Saturday, May 9, 2015
We Bow Down -- Twila Paris
Twila Paris was a 26-year old star, with a number one hit, her very first one. So one could imagine that she might have felt she’d arrived at the top. Others might have understood, since she had already written dozens of songs and produced four albums, if she had acted a little cocky. Her life was set, and all she needed was to keep moving upward, composing more memorable, inspiring songs. But, that wasn’t what she must have been thinking when she composed “We Bow Down” at the same time in 1984. What’s the foundation for a successful worship tune? Twila is as much an expert as you might find, since she’s been at this task as an adult for over 30 years professionally.
Twila’s understanding of good music development by 1984 had been inside her probably for many years, even from her childhood before she reached double-digits in years. By the age of 7 she was known as ‘Little Twila Paris’ on her first album, a collection of hymns she’d grown used to singing with her family during evangelism campaigns. No doubt about it, Paris received her musical genes from parents Oren and Rachel and the Arkansas roots that nourished and shaped her. Success and recognition at so young an age could have been a burden to others, yet in Twila’s case it must have given her the recipe for healthy development. “We Bow Down” embodies an attitude of prostration to the God she calls Lord and King in the song’s two verses. Little people, even one at 26-years old, can say powerful things, she realized. This was also an idea that was the theme of the album on which “We Bow Down” appears -- The Warrior Is a Child. Jesus had learned to humble himself, Twila must have realized, and became everyone’s Savior as a result. We don’t know what minute-to-minute circumstances evolved to guide Twila’s hands to write “We Bow Down”, but her words tell us of a life that was tilted toward Him personally. She begins each verse with a personal declaration of her devotion to Him, and then does what must have come naturally since her childhood. She invites everyone around her to join in the ‘we’ that say they bow to Him. Let’s all be His children together.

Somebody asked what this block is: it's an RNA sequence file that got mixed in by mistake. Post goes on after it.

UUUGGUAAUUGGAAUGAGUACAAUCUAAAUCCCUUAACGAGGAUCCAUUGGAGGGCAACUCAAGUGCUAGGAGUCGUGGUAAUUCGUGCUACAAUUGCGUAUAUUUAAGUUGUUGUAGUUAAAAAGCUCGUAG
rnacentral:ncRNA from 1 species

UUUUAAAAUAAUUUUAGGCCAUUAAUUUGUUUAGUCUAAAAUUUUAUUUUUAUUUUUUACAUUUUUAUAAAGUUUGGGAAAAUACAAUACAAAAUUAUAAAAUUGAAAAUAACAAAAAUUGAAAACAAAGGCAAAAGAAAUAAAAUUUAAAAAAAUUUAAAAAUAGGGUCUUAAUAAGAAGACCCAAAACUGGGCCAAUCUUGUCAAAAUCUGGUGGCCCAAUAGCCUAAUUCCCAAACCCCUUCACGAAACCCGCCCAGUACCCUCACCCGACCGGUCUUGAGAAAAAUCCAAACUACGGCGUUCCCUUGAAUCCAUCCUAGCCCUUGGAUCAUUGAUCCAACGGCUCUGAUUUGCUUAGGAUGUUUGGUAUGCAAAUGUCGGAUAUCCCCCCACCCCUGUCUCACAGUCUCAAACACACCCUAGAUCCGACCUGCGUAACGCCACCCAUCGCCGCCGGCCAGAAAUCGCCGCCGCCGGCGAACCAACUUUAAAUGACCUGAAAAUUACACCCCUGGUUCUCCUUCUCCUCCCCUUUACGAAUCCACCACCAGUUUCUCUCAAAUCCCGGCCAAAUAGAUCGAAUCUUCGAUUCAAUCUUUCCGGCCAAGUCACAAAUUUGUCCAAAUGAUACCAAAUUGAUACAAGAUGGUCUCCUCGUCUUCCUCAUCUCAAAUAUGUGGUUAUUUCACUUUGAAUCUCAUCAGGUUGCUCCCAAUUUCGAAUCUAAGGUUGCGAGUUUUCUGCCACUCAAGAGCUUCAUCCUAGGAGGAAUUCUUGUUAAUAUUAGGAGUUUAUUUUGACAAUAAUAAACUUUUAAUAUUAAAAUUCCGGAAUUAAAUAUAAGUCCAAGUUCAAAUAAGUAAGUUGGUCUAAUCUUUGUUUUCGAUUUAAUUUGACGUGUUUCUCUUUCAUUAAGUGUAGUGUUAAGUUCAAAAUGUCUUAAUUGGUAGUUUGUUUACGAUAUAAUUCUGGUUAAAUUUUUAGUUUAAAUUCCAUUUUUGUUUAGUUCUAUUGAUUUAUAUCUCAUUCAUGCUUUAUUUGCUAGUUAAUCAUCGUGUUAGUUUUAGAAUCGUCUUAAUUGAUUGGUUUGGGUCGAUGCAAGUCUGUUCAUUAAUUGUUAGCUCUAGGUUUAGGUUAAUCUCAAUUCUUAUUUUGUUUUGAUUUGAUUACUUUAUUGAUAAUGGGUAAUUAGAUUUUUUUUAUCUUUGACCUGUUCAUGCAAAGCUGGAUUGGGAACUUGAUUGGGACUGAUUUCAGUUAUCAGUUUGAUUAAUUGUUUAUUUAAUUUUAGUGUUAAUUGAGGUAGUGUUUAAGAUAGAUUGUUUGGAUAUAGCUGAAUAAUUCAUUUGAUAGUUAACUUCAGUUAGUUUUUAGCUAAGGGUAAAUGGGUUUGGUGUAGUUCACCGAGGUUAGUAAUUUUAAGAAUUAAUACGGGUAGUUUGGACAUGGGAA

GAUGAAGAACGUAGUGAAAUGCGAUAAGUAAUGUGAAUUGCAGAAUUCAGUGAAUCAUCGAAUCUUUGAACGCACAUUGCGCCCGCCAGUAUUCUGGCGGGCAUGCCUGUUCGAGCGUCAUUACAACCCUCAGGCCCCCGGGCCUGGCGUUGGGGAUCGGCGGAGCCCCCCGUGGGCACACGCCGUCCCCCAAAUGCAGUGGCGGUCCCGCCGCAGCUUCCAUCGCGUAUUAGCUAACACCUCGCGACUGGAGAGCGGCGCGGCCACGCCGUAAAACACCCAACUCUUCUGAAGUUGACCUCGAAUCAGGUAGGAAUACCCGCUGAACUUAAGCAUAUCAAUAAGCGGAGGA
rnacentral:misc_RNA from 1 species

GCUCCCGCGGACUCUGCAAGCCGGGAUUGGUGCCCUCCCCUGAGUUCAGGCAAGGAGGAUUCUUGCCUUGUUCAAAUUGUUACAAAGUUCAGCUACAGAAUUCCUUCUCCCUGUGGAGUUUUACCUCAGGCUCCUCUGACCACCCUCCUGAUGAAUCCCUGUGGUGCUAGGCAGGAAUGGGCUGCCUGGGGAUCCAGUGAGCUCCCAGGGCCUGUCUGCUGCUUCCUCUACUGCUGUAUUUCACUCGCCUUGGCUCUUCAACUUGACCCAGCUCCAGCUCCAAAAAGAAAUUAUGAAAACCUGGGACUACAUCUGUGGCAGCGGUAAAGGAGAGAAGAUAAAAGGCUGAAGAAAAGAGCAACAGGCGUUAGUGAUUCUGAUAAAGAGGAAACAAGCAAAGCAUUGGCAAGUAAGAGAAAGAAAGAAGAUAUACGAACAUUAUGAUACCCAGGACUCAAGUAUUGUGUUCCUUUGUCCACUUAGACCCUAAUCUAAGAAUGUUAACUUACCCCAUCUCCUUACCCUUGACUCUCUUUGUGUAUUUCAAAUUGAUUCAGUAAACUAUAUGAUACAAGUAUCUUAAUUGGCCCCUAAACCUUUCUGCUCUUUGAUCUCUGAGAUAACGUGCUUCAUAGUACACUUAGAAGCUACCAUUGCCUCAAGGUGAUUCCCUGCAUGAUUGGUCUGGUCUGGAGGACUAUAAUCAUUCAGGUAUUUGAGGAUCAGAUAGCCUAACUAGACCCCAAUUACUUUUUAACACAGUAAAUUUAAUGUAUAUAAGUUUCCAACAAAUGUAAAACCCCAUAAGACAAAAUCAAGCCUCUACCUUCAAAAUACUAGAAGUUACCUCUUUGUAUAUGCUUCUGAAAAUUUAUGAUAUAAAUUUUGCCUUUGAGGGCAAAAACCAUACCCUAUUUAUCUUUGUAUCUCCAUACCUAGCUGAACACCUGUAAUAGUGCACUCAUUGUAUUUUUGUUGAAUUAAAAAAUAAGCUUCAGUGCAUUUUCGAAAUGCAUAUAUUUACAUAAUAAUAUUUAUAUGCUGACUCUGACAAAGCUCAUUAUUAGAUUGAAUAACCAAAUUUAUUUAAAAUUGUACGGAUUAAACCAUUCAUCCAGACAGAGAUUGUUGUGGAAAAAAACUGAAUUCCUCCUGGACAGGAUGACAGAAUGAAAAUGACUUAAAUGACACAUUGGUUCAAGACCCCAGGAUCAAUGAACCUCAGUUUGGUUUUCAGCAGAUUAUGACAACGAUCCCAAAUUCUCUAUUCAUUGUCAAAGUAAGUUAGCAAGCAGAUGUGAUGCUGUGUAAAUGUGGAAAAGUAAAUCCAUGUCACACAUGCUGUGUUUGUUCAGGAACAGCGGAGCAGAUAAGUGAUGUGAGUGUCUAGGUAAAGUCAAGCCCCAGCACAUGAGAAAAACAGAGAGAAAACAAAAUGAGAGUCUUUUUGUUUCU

Twila’s in her mid-50s by now (in 2015), and still composing songs, although she’s taken more time out for her family. She and husband Jack are raising kids, teaching them what it means to bow and sacrifice, and to whom. It’s a posture from which Paris has probably never left, really. She probably still sings those songs from her ‘Little Twila’ days, and the one she wrote as a 26-year old too, as reminders of the way she relates to her Father God. It’s a way of staying grounded, letting Him be in control. Try bowing a bit each day, and see if a childlike posture doesn’t make your life go better.
Check out the following links to read about the composer: